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Postia bluish-gray is a fungus of the Fomitopsis family, which mainly grows on dead conifers. It is important to figure out what it looks like, where you can see whether it is worth eating or not, what measures need to be taken in case of poisoning and how to provide first aid to the victim. Other names for the bluish-gray postia are blue-gray postia, bluish-gray postia, bluish-gray oligoporus.
Where do the posts grow bluish-gray
Blue-gray posts are a family of mushrooms that grow on conifers and larch trees. They can often be seen on dead wood, fallen branches and in the forest. Unlike other varieties, they cause a brown rot. They grow in summer and autumn from July to November on the following trees:
They predominantly settle on dead trees and branches in groups. Unlike other plants and fungi, they have unusual characteristics.
What do the posts look like bluish-gray
Bluish-gray posts - mushrooms with caps and legs. Legs may be invisible, but they are always present. The hat is half-shaped, fleshy and soft. In length reaches from 3 to 6 cm. Often fuses with the leg as it develops.
Mushrooms are white, at the corners of the cap are painted in blue, green or yellowish colors. If the fruit body is strongly squeezed, the pulp will change color.
Immature species have a bristly edge. As it develops, the edge is exposed, the skin becomes smooth. The taste is insipid. The pulp smells good, like a porcini mushroom or a boletus. The structure under the cap is tubular, gray, blue or white, depending on maturity (the color brightens with age). The pores are angular and irregular. The length of the hymenophores is large, the surface is jagged with uneven edges, and has a pleasant mushroom aroma.
Is it possible to eat bluish-gray posts
Posties are mushrooms, which many reference books classify as inedible. However, they do not contain toxic and poisonous substances. The flesh is tough and, if cooked properly, the mushrooms may not be dangerous. But experienced mushroom pickers do not recommend risking health, and are advised to completely abandon the use.
How to distinguish between bluish gray posts
There are three types of posts: astringent, bluish-gray and flat tinder fungi. The binders have large white caps. An important feature is a large accumulation of water and bubbles on the surface, "crying". They are similar in appearance to the fractured aurantioporus from the Boletov family, but they have a more rounded and oblong shape. Compared to other types of mushrooms of this type, they have a softer structure, a sharp and rich mushroom aroma. The astringent variety can often be seen on apple trees with aspens. It forms on fallen branches and causes rot.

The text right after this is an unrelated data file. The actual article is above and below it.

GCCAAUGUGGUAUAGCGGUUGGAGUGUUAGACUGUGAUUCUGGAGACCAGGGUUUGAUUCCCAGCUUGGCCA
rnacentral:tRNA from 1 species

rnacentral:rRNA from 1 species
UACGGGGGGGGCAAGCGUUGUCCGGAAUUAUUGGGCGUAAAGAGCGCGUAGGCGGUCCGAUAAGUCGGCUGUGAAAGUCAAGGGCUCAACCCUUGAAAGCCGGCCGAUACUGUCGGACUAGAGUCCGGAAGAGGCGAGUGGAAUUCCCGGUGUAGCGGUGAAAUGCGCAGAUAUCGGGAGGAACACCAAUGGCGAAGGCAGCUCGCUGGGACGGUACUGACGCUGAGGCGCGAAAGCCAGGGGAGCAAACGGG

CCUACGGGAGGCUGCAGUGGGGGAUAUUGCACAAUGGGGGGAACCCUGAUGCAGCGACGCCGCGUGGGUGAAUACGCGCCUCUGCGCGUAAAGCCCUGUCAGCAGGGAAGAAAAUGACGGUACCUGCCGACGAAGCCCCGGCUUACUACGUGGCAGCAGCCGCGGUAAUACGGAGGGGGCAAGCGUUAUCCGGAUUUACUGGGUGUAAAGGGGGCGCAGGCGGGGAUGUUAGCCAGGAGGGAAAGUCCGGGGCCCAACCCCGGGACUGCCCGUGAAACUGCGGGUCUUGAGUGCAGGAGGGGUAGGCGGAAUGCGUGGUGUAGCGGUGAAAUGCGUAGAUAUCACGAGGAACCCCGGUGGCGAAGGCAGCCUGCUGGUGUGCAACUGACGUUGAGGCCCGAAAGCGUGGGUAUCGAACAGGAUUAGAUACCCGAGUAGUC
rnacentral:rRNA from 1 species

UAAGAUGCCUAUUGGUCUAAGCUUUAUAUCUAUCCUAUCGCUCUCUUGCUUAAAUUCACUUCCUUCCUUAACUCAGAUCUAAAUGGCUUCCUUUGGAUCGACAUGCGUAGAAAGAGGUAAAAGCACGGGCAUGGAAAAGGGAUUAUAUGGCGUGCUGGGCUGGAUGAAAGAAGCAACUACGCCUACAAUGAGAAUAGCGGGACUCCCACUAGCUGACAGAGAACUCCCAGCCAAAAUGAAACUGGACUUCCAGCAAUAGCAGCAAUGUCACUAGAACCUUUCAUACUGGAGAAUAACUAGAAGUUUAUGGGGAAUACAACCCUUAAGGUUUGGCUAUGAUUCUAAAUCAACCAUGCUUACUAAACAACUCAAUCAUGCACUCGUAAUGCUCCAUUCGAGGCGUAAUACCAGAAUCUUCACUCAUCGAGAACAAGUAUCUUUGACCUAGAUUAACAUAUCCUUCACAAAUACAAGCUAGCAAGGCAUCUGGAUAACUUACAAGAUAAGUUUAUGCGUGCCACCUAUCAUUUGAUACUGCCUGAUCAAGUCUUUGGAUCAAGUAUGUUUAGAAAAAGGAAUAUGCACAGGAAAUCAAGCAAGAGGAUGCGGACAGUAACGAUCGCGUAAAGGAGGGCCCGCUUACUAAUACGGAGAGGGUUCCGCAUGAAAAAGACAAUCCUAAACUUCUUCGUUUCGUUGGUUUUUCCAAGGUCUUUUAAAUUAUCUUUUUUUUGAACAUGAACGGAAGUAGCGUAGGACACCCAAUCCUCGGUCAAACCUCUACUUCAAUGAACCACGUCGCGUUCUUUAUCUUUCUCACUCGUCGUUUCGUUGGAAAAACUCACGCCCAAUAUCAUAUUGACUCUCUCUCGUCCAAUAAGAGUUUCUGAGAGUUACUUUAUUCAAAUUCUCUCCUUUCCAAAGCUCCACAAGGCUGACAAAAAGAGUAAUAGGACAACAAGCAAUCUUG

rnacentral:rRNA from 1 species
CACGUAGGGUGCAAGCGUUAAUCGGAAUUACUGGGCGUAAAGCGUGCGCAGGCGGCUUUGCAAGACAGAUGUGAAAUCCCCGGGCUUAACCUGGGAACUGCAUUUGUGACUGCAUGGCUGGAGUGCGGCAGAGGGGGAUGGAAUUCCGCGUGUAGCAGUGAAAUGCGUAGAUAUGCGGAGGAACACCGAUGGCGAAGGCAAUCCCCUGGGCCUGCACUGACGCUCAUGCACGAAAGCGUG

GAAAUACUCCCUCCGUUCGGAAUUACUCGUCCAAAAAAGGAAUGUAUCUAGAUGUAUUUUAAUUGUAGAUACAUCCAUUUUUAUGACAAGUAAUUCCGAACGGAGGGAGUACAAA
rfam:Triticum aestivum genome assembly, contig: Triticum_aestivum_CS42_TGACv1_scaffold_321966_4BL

Tinder fungus is flat - a porcini mushroom with a fluffy, furrowed hat. Like other species, he loves wood, in particular larch. Unlike postia, it has no legs and a bluish tint. It also causes white rot on plants. It does not grow in October and April.
Postia bluish-gray - a mushroom with a stem, a half-cap, soft flesh and blue spots. The young mushroom has a lowered cap, older specimens are rounded. In color, it even approaches green and yellow.
Attention! All of these varieties are not recommended for use from a medical point of view. They can cause severe poisoning, and death in children.
Like all inedible and semi-edible mushrooms, bluish and gray-tinged posts can cause severe poisoning with nausea and vomiting. Dizziness, pain in the temples, and weakness are noted as symptoms. In some cases, there may be a high fever and a severe allergic reaction in the form of redness, peeling of the skin and burns of the mucous membrane. A lethal outcome is possible in children under 5 years of age when consumed in large quantities.
First aid for poisoning
In case of poisoning, be sure to call an ambulance or go to the hospital on your own. Before the doctor arrives, you need to go to bed and do a gastric lavage with plenty of drink and induce vomiting or a laxative with an enema. You should also stop taking other medications to avoid overdose before medical intervention. In order for the doctor to be able to clarify the diagnosis upon arrival, all the mushrooms must be preserved. Only in this case is a quick cure possible.
Posttia bluish-gray is an inedible mushroom with a rigid structure. The mushroom has a beautiful relief surface with a blue border and grows on conifers in the forest belt. It differs from other mushrooms in its unusual color and the presence of a small stalk.